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Analysing the return rate

One of the key targets of the Global Shorebird Counts is to attract new birdwatchers to take part in this program but more importantly to keep them in the program. In the last 5 years, we had a large number of unique locations where shorebird counts have been carried out but only a few of them got a good revisiting rate in the following years. Let’s take a quick look at the data to find out how many unique counting locations have had counting activity each year since 2014.

© Kasia & Takashi Someya

In the launch year, 2014, we certainly have not reached as many people as we managed in 2018. The participation activity in the following years has been affected by many unknown factors. It could have been an organizational mistake, lack of interests, misunderstanding coming from the ‘shorebird‘ term or other things.

We listed all the unique counting locations (coordinates) and counted the entries each year since 2014. If a counter revisited the same location in the following year but under different coordinates, we could only treat it as a unique location.

Data shows that only from 4 locations we have data from each year.

  1. Mirador de Aves Costa del Este, Panama – Organised by Audubon Panama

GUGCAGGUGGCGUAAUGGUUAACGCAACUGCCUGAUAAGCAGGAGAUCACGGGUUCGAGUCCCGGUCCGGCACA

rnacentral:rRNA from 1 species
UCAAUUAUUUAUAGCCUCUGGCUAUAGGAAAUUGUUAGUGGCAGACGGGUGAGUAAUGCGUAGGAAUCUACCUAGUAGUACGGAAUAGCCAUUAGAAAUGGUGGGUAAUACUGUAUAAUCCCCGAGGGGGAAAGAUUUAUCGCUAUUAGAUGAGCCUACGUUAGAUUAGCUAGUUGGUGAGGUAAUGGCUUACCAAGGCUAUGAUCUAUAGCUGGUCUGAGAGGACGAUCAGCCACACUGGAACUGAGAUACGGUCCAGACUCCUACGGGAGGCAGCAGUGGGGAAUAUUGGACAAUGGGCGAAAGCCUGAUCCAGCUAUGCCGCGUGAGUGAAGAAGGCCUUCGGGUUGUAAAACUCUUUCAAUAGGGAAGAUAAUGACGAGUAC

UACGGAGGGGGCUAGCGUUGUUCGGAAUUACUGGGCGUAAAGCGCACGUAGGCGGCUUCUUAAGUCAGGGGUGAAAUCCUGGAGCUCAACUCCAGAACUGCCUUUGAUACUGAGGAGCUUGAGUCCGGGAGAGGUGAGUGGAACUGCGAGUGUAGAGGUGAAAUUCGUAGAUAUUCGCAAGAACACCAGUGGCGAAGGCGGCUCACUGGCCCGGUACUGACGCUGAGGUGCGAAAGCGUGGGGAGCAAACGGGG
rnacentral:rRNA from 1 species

2. The Rocks Provincial Park, New Brunswick, Canada – Observer: Kerry Lee Morris-Cormier

  3. Johnson’s Mills, New Brunswick, Canada – Observer: Kerry Lee Morris-Cormier and Mark Davidson (2016)

  4. Bethel Beach Natural Area Preserve, Virginia, U. S. A. James Shelton and Arun Bose and Ellison Orcutt (2016)

Interestingly, not all locations had the same counters in the following years, and it shows the power of the local coordination of an NGO or the local observer who probably asked other birders to cover the site. As an example, Audubon Panama coordinated the counts each year at Mirador de Aves Costa del Este coastal site as we have different counters each year from that location.

Number of consecutive counts at unique locations. The ‘5 counts‘ means the unique location has been covered annually since 2014

As the chart shows above the number of one-off locations increased drastically from 2017 but it is more interesting to see that at how many of these locations counting have been carried out only once and never again. This chart only shows the consecutiveness so a unique location hasn’t been included if one or two missing years broke the consecutiveness in the last 5 years but still had counting effort from 4 or 3 years in total. Obviously, there are so many newly covered/added unique locations in 2018 where counts might (and hopefully) be carried out in 2019 as well.

The number of one-off locations per year.

The number of one-off unique locations compared to the total number of unique locations per year.

The number of unique locations covered in consecutive years.

The chart above might give a false result as there are several unique locations where the consecutiveness was broken by a single year but then counts have been carried out again.

So the challenge is clear for 2019. We need the wonderful 2018 efforts to be repeated and those locations to be included again in the shorebird counts starting next week. For the future of the program, we need to pledge new birdwatchers and shorebird conservationists and that might help to cover new locations as well.

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